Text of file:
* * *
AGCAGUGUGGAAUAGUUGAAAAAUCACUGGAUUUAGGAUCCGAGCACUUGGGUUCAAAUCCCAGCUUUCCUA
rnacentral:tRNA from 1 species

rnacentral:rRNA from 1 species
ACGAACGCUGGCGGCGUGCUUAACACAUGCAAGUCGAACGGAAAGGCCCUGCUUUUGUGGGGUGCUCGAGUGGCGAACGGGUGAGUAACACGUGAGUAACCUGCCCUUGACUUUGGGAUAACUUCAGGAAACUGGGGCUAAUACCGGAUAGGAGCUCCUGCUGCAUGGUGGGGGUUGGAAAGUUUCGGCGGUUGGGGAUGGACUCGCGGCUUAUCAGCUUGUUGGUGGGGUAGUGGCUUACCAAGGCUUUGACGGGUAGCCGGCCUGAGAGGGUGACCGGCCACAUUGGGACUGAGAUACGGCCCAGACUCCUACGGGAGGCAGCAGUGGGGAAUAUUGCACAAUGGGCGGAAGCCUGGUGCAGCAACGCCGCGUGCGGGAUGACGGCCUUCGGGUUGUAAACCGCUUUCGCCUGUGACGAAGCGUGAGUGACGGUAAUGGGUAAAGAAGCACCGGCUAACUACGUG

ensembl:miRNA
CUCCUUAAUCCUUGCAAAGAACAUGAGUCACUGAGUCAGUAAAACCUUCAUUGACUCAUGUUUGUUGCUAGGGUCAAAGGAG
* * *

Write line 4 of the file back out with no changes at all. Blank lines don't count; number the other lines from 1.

ACGAACGCUGGCGGCGUGCUUAACACAUGCAAGUCGAACGGAAAGGCCCUGCUUUUGUGGGGUGCUCGAGUGGCGAACGGGUGAGUAACACGUGAGUAACCUGCCCUUGACUUUGGGAUAACUUCAGGAAACUGGGGCUAAUACCGGAUAGGAGCUCCUGCUGCAUGGUGGGGGUUGGAAAGUUUCGGCGGUUGGGGAUGGACUCGCGGCUUAUCAGCUUGUUGGUGGGGUAGUGGCUUACCAAGGCUUUGACGGGUAGCCGGCCUGAGAGGGUGACCGGCCACAUUGGGACUGAGAUACGGCCCAGACUCCUACGGGAGGCAGCAGUGGGGAAUAUUGCACAAUGGGCGGAAGCCUGGUGCAGCAACGCCGCGUGCGGGAUGACGGCCUUCGGGUUGUAAACCGCUUUCGCCUGUGACGAAGCGUGAGUGACGGUAAUGGGUAAAGAAGCACCGGCUAACUACGUG